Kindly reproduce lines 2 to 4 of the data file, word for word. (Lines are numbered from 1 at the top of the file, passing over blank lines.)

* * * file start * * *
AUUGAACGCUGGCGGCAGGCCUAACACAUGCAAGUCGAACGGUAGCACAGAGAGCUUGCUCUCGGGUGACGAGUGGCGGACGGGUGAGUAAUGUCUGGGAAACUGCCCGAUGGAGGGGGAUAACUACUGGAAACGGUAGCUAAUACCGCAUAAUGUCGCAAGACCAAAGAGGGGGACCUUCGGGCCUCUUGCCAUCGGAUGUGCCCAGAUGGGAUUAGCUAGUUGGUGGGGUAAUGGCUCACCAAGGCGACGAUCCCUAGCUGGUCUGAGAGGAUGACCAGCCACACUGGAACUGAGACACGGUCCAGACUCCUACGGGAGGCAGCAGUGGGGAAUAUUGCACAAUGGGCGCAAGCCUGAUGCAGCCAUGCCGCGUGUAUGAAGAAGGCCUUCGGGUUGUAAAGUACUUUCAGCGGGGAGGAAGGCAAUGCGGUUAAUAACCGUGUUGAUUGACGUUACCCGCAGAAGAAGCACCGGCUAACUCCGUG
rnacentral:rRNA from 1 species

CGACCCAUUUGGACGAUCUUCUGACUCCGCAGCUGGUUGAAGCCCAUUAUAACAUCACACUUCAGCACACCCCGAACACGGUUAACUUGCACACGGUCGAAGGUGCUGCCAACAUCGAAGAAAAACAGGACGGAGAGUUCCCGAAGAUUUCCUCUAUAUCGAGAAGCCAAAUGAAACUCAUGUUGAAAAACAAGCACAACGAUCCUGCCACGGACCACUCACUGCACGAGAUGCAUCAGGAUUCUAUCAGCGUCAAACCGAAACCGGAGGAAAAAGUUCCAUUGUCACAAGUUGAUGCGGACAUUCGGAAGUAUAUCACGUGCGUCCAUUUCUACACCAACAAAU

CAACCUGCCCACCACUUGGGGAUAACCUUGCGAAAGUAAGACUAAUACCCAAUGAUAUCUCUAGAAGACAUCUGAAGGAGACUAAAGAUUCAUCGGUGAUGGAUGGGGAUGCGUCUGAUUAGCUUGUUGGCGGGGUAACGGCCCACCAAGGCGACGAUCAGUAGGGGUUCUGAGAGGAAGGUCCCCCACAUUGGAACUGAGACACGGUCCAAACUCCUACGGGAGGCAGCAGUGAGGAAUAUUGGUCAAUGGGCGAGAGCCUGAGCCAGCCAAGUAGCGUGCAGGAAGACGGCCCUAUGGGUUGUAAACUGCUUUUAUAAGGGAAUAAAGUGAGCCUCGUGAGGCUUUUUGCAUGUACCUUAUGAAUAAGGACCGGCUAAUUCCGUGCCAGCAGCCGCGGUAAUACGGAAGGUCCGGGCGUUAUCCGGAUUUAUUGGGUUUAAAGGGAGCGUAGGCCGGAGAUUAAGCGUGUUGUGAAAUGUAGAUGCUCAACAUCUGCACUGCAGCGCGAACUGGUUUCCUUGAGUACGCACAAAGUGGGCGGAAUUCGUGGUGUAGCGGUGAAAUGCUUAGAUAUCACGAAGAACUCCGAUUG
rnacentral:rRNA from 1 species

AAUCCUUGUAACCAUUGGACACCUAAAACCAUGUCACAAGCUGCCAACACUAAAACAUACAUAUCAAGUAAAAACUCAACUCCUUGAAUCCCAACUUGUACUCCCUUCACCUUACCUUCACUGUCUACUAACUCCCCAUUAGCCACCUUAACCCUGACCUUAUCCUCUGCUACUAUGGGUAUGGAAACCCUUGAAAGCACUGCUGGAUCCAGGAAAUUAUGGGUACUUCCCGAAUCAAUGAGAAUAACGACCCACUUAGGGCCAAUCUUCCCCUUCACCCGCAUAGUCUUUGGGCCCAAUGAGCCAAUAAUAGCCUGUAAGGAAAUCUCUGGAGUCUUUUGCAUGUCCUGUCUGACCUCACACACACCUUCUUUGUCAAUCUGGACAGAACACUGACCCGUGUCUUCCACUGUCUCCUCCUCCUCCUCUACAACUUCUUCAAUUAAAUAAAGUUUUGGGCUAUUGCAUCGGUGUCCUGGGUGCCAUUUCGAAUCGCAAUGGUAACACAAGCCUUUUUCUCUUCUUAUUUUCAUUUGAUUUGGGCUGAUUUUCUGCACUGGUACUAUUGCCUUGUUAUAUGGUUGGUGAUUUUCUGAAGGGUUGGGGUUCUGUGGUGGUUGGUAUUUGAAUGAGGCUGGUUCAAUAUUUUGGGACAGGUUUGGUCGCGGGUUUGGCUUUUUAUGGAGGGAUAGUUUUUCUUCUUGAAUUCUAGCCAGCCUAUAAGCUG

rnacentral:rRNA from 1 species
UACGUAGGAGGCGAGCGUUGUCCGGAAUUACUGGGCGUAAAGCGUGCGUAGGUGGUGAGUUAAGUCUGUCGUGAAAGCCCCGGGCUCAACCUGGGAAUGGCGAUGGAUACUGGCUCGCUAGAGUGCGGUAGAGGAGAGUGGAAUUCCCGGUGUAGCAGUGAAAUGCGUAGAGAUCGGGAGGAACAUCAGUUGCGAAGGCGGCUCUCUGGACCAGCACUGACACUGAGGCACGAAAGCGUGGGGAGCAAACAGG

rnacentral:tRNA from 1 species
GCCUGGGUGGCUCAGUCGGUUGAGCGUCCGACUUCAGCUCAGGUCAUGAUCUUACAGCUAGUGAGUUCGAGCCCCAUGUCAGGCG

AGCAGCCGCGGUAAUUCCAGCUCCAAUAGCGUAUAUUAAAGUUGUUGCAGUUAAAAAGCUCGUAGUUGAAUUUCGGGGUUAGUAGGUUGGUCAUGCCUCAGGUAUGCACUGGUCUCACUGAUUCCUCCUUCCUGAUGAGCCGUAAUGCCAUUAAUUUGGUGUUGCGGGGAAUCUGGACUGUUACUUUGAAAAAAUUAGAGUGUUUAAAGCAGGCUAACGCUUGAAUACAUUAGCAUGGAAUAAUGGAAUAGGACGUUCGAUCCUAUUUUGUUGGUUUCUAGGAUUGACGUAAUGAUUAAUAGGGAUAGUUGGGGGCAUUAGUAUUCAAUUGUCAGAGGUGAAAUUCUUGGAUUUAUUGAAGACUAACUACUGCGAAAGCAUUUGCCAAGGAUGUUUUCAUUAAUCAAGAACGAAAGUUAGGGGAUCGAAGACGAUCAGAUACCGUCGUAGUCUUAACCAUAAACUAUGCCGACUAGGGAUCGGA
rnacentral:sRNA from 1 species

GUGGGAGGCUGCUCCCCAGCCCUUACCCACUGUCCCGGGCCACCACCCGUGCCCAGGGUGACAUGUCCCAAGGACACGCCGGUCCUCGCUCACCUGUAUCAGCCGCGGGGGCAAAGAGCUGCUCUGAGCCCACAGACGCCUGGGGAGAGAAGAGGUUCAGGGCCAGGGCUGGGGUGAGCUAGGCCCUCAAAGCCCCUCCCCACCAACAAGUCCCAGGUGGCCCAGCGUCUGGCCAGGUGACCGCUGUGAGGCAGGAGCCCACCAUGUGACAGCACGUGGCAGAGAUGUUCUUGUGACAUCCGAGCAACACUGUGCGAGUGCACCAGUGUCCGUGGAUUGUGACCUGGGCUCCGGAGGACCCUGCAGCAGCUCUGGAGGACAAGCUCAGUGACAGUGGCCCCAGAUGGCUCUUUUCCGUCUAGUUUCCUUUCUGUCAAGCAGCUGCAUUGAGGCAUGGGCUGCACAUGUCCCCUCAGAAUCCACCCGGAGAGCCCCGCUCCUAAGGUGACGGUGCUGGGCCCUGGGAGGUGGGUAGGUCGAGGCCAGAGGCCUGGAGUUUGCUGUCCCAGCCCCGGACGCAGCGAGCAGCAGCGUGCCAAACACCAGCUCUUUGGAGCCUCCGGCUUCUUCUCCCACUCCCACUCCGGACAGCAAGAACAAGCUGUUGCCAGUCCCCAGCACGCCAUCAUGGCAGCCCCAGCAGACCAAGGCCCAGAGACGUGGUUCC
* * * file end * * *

rnacentral:rRNA from 1 species

CGACCCAUUUGGACGAUCUUCUGACUCCGCAGCUGGUUGAAGCCCAUUAUAACAUCACACUUCAGCACACCCCGAACACGGUUAACUUGCACACGGUCGAAGGUGCUGCCAACAUCGAAGAAAAACAGGACGGAGAGUUCCCGAAGAUUUCCUCUAUAUCGAGAAGCCAAAUGAAACUCAUGUUGAAAAACAAGCACAACGAUCCUGCCACGGACCACUCACUGCACGAGAUGCAUCAGGAUUCUAUCAGCGUCAAACCGAAACCGGAGGAAAAAGUUCCAUUGUCACAAGUUGAUGCGGACAUUCGGAAGUAUAUCACGUGCGUCCAUUUCUACACCAACAAAU

CAACCUGCCCACCACUUGGGGAUAACCUUGCGAAAGUAAGACUAAUACCCAAUGAUAUCUCUAGAAGACAUCUGAAGGAGACUAAAGAUUCAUCGGUGAUGGAUGGGGAUGCGUCUGAUUAGCUUGUUGGCGGGGUAACGGCCCACCAAGGCGACGAUCAGUAGGGGUUCUGAGAGGAAGGUCCCCCACAUUGGAACUGAGACACGGUCCAAACUCCUACGGGAGGCAGCAGUGAGGAAUAUUGGUCAAUGGGCGAGAGCCUGAGCCAGCCAAGUAGCGUGCAGGAAGACGGCCCUAUGGGUUGUAAACUGCUUUUAUAAGGGAAUAAAGUGAGCCUCGUGAGGCUUUUUGCAUGUACCUUAUGAAUAAGGACCGGCUAAUUCCGUGCCAGCAGCCGCGGUAAUACGGAAGGUCCGGGCGUUAUCCGGAUUUAUUGGGUUUAAAGGGAGCGUAGGCCGGAGAUUAAGCGUGUUGUGAAAUGUAGAUGCUCAACAUCUGCACUGCAGCGCGAACUGGUUUCCUUGAGUACGCACAAAGUGGGCGGAAUUCGUGGUGUAGCGGUGAAAUGCUUAGAUAUCACGAAGAACUCCGAUUG